- Training: Whoever will participate in a calling campaign or be a contact point for an interested customer needs to be trained and briefed on the campaign. There is nothing worse then grabbing a potential customer’s interest and having them meet a brink wall when they call in. Enable your sales and customer service to help close the deal.
- Set Your Goals: Why are you doing the campaign? Is it to gain new customers? Is it to boost sales? Branding? Is it to let the marketplace know what you have to offer? Probably all of the above, right? Well, if so, make sure you’ve put some goals in place so you can track success.
- Launch and Track: You’ve done the work so now kick-off the campaign and start learning about what worked and what did not. If you’ve run a special promotion, track the effectiveness of the promotion. If you purchased online marketing components, track the customer response via click-throughs, online purchases, or lead generation.
Of course, every company is different and these 8 steps probably don’t work for everyone. But, there are fundamentals and groundwork in what I’ve mentioned that, if followed, will increase the results you see from your marketing and sales campaigns.
December 14, 2006
In a recent BtoB Online Email Marketer newsletter I received, Mark Organ – CEO of Eloqua Corp. – wrote a good, quick article outlining some valuable tips to increase open rates and overall experience of email newsletters. Email marketing is getting tougher. I’m experiencing this as I work to increase my own click-through rates and decrease bounce rates on my landing pages. Blogs, RSS Feeds, and Podcasts are jumping to the forefront as methods people are using to get the information they want. Plus, corporate email filtering is getting tighter. Email marketing is not dead despite what some industry analysts think, but the road to success is not a smooth ride. The main tips from Mark’s article are:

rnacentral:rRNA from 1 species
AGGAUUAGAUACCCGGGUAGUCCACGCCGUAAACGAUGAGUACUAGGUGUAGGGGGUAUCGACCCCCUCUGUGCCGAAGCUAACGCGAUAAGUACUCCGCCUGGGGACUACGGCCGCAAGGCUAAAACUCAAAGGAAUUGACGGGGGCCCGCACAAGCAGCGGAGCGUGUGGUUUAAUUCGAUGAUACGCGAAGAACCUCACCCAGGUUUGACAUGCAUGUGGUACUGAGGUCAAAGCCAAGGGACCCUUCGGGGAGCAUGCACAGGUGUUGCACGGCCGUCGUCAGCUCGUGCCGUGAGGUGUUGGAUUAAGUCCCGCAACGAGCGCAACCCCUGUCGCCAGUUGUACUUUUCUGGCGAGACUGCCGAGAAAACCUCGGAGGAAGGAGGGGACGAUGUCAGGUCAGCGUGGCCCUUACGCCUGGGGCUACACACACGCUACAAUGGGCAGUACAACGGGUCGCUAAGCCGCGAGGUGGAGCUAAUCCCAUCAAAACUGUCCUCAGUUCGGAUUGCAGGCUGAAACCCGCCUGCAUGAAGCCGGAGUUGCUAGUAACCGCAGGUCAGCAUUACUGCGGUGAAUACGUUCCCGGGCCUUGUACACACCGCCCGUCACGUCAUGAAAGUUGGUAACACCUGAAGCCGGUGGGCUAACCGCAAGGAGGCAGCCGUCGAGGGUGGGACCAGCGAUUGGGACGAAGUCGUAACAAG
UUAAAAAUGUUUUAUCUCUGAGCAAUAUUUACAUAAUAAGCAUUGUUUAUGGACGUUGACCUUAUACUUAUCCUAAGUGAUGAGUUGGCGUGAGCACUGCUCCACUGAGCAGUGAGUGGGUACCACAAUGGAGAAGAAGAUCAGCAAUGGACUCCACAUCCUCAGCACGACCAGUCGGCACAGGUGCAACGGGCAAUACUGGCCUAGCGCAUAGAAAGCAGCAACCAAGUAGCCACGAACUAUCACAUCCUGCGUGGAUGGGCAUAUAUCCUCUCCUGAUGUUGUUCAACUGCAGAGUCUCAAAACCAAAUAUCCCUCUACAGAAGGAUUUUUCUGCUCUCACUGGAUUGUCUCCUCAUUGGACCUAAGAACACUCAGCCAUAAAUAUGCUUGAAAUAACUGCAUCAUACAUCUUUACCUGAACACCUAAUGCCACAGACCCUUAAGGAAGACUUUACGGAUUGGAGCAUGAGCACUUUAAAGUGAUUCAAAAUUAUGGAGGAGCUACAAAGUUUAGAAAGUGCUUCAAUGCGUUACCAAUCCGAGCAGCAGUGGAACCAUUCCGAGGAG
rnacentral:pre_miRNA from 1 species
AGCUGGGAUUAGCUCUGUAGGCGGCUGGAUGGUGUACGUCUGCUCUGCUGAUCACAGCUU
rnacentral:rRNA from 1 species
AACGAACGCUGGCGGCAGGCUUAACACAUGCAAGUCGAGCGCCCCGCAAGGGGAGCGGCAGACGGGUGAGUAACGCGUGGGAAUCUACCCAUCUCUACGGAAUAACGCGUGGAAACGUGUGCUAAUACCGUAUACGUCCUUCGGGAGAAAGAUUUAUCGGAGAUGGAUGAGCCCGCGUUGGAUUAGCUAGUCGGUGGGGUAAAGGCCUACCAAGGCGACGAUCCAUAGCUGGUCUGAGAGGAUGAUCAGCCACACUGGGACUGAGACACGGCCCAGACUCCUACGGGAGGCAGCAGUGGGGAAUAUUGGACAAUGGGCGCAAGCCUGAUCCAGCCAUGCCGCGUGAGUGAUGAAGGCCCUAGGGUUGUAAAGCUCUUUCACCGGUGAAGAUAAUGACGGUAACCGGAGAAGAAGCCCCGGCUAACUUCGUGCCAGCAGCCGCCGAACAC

- Success begins with the subject line. Keep your subject line succinct, around five or six words. Stay away from personalization-such as using the prospect’s first name-in the subject line. The golden rule is to make sure that your subject line is something you would feel comfortable sending to an existing prospect.
- They’re in … now what? Your prospect must be able to quickly determine the benefits of the e-mail. Integration with Web marketing tools such as forms and landing pages can impel a prospect to explore these benefits. Include many clear links to click on high up in the e-mail, “above the scroll.” Make sure that hyperlink words conjure up a benefit in the reader’s mind-such as “Learn more”-and avoid using passive words.